OPTION This duo blends ambient drones and melodies with tribal percussion, with several tracks landing somewhere between O Yuki Conjugate and Voice of Eye. And, in a relatively rare occurrence for this genre, all six pieces have a distinctive flavor. The first piece is pastoral, with flute and strummed guitar accompanied by sparse muted percussion and sound effects; it nearly sounds medieval. The best material is even more compelling. "Dark Reaction" starts off with an ominous drone; various electronics and percussion build on it, and I couldn't help but give the volume control a healthy twist upward. Other material has a colder feel, with disembodied voice floating above a thick wall of synthesizers. The last two tracks have an orchestral feel that I didn't like at first; they reminded me a bit of some adventurous but pretentious European progressive rock. A couple more listens and that association disappeared, leaving me feeling the way I do now: that this is a good, solid album, well worth owning.
-Scott Lewis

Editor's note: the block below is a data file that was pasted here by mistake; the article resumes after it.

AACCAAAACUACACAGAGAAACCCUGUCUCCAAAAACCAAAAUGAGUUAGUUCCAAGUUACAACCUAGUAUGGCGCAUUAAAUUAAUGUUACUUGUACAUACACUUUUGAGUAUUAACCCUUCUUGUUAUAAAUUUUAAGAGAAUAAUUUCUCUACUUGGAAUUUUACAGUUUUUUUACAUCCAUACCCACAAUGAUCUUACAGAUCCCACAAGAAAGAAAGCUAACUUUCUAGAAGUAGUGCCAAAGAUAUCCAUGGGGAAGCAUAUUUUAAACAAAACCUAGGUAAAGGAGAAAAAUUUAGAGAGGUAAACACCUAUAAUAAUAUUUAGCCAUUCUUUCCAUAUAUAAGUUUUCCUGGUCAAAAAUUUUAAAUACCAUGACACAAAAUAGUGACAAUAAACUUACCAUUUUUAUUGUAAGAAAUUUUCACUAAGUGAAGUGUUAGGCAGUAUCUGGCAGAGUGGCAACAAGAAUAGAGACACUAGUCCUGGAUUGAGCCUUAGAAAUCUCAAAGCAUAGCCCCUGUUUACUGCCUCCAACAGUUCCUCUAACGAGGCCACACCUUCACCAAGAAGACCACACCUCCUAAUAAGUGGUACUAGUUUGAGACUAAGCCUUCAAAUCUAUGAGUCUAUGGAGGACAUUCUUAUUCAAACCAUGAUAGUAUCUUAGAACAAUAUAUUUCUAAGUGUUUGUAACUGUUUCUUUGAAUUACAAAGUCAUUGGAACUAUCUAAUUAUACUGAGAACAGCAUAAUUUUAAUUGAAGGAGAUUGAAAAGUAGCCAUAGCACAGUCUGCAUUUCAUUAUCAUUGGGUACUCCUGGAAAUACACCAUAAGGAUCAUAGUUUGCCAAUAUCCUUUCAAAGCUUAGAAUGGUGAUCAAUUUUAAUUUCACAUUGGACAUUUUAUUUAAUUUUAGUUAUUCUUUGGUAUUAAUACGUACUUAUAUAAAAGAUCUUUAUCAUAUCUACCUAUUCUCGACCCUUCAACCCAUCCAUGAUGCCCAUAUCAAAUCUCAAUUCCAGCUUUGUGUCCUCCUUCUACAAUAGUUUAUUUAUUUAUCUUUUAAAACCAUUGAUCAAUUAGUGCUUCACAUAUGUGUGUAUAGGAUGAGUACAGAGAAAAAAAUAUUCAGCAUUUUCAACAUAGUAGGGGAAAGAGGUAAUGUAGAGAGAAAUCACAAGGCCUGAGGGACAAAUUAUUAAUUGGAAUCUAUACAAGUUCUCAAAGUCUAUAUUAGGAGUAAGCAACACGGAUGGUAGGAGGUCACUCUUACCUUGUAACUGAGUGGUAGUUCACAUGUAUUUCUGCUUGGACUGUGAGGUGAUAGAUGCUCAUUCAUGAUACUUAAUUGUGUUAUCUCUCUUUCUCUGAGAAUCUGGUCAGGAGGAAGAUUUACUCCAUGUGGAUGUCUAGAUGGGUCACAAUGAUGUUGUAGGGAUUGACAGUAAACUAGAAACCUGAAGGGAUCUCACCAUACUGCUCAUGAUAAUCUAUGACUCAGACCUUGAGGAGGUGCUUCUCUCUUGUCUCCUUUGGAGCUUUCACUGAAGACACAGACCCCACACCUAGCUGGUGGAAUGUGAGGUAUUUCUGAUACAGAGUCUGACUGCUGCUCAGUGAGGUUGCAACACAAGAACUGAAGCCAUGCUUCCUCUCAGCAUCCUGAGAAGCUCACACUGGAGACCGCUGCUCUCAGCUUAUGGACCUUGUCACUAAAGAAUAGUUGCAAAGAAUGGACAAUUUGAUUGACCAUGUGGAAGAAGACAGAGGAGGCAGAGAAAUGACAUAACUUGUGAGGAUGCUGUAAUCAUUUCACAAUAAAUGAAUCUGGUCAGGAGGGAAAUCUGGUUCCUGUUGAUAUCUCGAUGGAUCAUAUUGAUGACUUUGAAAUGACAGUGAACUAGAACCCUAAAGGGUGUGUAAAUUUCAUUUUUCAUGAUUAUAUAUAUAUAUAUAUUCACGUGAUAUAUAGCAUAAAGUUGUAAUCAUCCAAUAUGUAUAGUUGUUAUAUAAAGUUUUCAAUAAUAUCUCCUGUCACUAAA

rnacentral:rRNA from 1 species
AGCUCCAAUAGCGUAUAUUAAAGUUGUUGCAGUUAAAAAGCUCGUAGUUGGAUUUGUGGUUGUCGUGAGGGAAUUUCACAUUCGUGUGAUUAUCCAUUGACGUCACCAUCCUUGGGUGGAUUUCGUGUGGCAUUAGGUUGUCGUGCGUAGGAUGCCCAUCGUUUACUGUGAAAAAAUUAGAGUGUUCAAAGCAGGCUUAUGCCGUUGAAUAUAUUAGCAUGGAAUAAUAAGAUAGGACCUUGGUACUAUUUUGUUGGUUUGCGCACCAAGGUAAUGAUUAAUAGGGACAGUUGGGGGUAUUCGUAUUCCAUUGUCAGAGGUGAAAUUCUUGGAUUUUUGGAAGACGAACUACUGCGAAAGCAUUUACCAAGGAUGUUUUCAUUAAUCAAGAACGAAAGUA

DEAD ANGEL: ISSUE 26 (6/97)Apparently they are naturalists, judging from the look of the long liner notes in the disc booklet, although since the words are brown on brown and of a microscopic typeface, i'll never really know for sure. Regardless of their politics, their sound is pretty interesting... slow, loping tribal drum rhythms and spooky, disembodied synth leavened with trancelike guitar passages (sometimes repetitive figures, sometimes just hum, other times mutant sounds buried in the background), and only sporadic vox. They're big on the slow-motion drone and the shortest song is nearly seven minutes... these are good things....The first track, "Blood and Soil," opens with cycling guitar hum, running water, chirping birds, voices reading from some exotic text, and eventually coalesces into a trancelike dirge guitar supplanted by thudding, distorted drums and an eerie vocal chorus. As the song builds, thick keyboard drones add another layer to the growing wall of sound. Swirling clouds of guitar hum also infiltrate "Ismaeli," along with distorted drums more cryptic chanting vocals and a harsh wall of noise that dies away midway through the song, leaving behind just a tinkering drum track and various odd, watery sounds. Toward the end, the singer intones a passage adapted from the prose of Omar Khayyam; i have no idea who he is, but it sounds awfully exotic....The best track on the disc is probably the fifth one, also the longest at 12:24 -- "Song for the Fifth World." A forbidding beat, dark droning synths, and counterpoint polyrhythms set the engine in motion, often sounding like a mildly heavier version of Voice of Eye. The hypnotic beat is augmented by regular hissing much like blasts from a furnace, or perhaps an approaching dust storm. The sound gradually builds in intensity, growing louder and more complicated, until it finally dissolves in a spiral of hissing and droning. Hard to follow, but the closing "Spiritual Warfare" manages to pull it off with gradiose orchestral bombast (not to mention the occasional burst of noisy fury). The overall feel is somewhere between a less-crazed Crash Worship and a more orchestrated answer to Voice of Eye... not a bad combination. The name, incidentally, stands for Children of the Apocalypse, and apocalyptic is as good a label as any for their dense, brooding sound.